Huckabee's decision to commute Clemmons' sentence came "over the protests of prosecutors," according to the Seattle Times, which quotes an Arkansas prosecutor saying, "This is the day I've been dreading for a long time."
Huckabee distanced himself from Clemmons in a statement last night, writing that if Clemmons is found responsible for the murders, "it will be the result of a series of failures in the criminal justice system in both Arkansas and Washington State." Here's more from the statement:
He was recommended for and received a commutation of his original sentence from 1990. This commutation made him parole eligible and he was then was paroled by the parole board once they determined he met the conditions at that time. He was arrested later for parole violation and taken back to prison to serve his full term, but prosecutors dropped the charges that would have held him. It appears that he has continued to have a string of criminal and psychotic behavior but was not kept incarcerated by either state.4620389Clemmons has a long criminal history that reportedly includes at least 13 felony convictions, and most recently had been in jail on charges of child rape. According to the Times, he was sentenced to 60 years in prison in 1990 for burglary and theft, when he was 18 years old; he had already been serving a 48 year prison sentence at the time, and faced another possible 95 years behind bars on separate charges. Huckabee reportedly commuted that sentence, pointing to the fact that Clemmons was just a teenager.
This is not the first time Huckabee, who is widely believed to be considering another presidential run, has faced questions tied to his intervention on behalf of a prisoner.
In 1985, a man named Wayne DuMond was convicted of the rape of a 17-year-old girl with a connection to then-Arkansas Governor Bill Clinton. DuMond's sentence was set at life in prison, plus 20 years. In 1992, Clinton's successor in the Arkansas governor's mansion, Jim Guy Tucker, reduced that sentence to 39 years, making DuMond eligible for parole.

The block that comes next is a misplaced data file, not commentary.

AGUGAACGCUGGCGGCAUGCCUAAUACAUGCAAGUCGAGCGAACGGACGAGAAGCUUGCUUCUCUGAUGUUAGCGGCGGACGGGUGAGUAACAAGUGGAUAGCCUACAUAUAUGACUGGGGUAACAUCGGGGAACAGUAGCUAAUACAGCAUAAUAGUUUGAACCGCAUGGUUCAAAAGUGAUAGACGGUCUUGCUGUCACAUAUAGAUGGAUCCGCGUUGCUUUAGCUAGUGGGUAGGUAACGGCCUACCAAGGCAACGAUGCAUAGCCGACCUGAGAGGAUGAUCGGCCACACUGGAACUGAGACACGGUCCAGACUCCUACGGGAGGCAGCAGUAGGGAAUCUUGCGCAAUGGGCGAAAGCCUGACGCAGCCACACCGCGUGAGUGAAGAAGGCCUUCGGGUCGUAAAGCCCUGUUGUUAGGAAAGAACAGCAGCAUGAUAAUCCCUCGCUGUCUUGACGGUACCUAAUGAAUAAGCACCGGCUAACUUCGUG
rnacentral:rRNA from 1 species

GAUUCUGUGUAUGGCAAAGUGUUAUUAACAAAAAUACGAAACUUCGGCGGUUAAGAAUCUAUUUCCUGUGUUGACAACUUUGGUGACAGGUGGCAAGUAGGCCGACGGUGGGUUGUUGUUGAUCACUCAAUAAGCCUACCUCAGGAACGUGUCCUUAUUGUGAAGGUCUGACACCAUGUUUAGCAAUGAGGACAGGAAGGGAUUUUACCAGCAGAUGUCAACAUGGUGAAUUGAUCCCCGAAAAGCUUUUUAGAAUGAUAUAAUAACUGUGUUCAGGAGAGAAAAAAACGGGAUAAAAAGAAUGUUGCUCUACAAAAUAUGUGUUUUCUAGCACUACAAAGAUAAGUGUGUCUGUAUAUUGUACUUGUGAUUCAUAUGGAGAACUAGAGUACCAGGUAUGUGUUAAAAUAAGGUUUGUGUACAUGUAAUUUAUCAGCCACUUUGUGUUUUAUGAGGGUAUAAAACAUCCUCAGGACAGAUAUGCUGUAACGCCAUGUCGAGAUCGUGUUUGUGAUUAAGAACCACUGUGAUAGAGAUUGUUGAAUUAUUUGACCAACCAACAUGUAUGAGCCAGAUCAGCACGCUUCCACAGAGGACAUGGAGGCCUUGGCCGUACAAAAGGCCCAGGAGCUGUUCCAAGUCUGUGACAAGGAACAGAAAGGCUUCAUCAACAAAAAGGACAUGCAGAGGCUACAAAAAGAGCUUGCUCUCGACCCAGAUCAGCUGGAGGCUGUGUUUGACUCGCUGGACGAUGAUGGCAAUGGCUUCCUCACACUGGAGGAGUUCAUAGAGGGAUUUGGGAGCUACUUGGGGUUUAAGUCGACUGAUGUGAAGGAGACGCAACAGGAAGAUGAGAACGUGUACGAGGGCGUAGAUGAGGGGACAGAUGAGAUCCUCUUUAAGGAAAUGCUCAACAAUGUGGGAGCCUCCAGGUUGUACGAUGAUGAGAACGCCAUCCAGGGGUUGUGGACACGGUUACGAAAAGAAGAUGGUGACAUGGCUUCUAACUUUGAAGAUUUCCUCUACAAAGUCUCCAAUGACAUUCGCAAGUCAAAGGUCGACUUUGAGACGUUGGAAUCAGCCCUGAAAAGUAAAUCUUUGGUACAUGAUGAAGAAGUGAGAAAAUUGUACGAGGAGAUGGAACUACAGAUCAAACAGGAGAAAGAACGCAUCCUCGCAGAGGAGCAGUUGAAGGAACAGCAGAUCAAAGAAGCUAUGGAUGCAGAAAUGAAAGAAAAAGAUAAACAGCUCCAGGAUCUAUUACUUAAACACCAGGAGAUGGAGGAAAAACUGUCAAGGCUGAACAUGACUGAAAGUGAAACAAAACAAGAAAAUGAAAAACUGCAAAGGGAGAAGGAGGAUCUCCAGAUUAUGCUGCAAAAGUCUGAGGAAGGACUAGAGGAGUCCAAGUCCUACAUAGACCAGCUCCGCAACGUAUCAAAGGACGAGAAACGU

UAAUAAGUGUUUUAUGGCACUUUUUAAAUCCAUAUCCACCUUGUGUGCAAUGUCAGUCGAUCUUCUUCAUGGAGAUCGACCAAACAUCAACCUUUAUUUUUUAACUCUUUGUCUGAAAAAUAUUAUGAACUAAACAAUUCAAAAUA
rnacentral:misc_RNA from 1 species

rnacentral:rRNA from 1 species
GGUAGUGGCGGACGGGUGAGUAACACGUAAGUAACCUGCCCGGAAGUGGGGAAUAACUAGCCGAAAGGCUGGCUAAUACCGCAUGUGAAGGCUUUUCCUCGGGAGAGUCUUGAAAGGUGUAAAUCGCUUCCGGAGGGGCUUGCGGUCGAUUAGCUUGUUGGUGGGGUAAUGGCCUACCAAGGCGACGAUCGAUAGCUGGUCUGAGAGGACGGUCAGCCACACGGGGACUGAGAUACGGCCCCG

When Huckabee became governor in 1996, he expressed doubts about DuMond's guilt and said he was considering commuting his sentence to time served. After the victim and her supporters protested, Huckabee decided against commutation.
But in 1997, according to the Kansas City Star, Huckabee wrote a letter to DuMond saying "my desire is that you be released from prison." Less than a year later, DuMond was granted parole. He was later arrested for sexually assaulting and murder and was the leading suspect in a second rape and murder.
Huckabee's office denied that the governor played a role in the parole board's decision, but there was evidence to contradict that claim.
In 2007, Huckabee told CNN, "For people to now politicize these deaths and to try to make a political case out of it, rather than to simply understand that a system failed and that we ought to extend our grief and heartfelt sorrow to these families, I just regret that politics is reduced to that."
Read more about the DuMond case here>.
Huckabee appeared on "Fox News Sunday" yesterday. He said he has become "less likely" to run for president in 2012 because he finds his current job hosting a show on Fox News to be "really wonderful." He also suggested he could again have a hard time attracting support from the Republican establishment.
Huckabee made the comments before news broke of his connection to Clemmons.
WATCH: Karie Couric's recent interview with Mike Huckabee
A USA Today/Gallup poll released earlier this month found that 71 percent of Republicans would "seriously consider" voting for Huckabee in 2012. By contrast, 65 percent said they would seriously consider voting for Mitt Romney and Sarah Palin, and 60 percent said they would seriously consider voting for Newt Gingrich.